Tasks – Saying NO to Non-Essentials
How do we focus on what is important and learn to say no to non-essential tasks? We all have an ever-growing to-do list looming at the beginning of each new day. Sometimes the items on that list are leftovers that didn’t quite get finished the day before. It’s hard to stay afloat with just our own professional and personal obligations. When we pile on more and more tasks that aren’t essential it becomes nearly impossible to be successful. Sometimes saying no can be hard. More often than not we want to say yes whether it’s because we have something to gain or because it just makes us feel good. But saying yes isn’t always going to be beneficial in the long run. It can cause you to miss deadlines, be taken advantage of, or cause unwanted stress.
Start with a Plan for your Tasks
You won’t know when to say no if you don’t know what you have going on. It’s important to have a current agenda of all the tasks that you need to complete. Start with a daily or weekly schedule and a list of long-term goals. Knowing how full your schedule is will help you make the right decisions on what to add. Once you know what commitments you have it’s important to not only evaluate the importance of your tasks but to also prioritize both your short-term and long-term goals so that you stay on track. When making a decision to add something ask yourself if it is essential to something on your goal list. If it isn’t then your answer should be no.
There is usually a source where non-essential tasks tend to originate. It may be family, friends, co-workers, or just our own bad habits. An easy way to avoid the urge to take on these tasks is to head them off before they arise. We tend to keep our struggles to ourselves or give generic answers when others inquire about how things are going. Let people know when you are busy, that you have a lot on your plate, and share the things that you are working on. If you seem available, then others will assume that you have more time than they do and they won’t feel bad about asking for help. You may also need to give yourself a nudge every now and then. If you find that you are getting behind or aren’t progressing towards your goals, then it may be a good time to review your schedule and goals. This will remind you of what you need to accomplish and what you are working towards.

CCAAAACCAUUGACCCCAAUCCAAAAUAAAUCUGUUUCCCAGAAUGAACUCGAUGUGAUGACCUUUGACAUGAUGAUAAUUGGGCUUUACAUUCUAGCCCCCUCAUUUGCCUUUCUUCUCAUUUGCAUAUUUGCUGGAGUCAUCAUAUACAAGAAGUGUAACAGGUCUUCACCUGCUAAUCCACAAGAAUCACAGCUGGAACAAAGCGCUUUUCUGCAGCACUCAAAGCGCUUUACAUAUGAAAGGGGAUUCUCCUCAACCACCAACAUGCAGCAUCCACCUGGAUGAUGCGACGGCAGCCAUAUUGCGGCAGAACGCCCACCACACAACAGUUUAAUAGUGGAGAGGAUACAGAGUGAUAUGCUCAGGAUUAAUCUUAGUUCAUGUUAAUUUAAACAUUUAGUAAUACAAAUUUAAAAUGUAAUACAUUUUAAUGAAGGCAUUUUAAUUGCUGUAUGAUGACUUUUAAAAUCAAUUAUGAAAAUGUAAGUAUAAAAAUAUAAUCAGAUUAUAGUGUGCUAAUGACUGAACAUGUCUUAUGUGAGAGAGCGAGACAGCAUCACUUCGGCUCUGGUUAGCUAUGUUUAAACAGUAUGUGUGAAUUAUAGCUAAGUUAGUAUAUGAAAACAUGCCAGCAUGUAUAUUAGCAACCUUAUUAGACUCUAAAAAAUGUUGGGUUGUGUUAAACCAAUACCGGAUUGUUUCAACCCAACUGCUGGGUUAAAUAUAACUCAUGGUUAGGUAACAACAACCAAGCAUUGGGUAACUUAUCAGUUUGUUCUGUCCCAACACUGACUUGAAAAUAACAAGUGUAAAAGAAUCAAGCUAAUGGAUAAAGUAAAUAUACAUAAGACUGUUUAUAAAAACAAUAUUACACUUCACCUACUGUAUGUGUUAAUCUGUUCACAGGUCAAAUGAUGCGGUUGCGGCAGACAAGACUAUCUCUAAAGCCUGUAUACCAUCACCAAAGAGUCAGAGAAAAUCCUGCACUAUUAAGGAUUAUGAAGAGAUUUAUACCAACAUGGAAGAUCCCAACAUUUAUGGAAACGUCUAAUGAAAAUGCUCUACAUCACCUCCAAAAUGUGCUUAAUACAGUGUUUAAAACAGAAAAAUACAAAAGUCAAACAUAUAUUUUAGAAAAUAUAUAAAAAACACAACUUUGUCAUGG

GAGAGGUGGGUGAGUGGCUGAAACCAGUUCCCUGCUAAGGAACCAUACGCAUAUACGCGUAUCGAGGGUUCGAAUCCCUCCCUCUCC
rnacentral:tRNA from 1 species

Choose Your Words Wisely
One of the reasons you may be unsuccessful at saying no is that you just aren’t doing it right. Make sure that your words match the outcome that you want. If you apologize while saying no, leave the no sounding more like a maybe, or give the impression that you want to say yes then it’s likely that you either won’t get your message across or it won’t be long before you’ll be asked again. Avoid phrases such as “I’m so sorry but I don’t think I can”, “I really wish I could”, and “Not right now” and replace them with firm statements that are not open to interpretation. A direct “no” or “I can’t” should do the trick.
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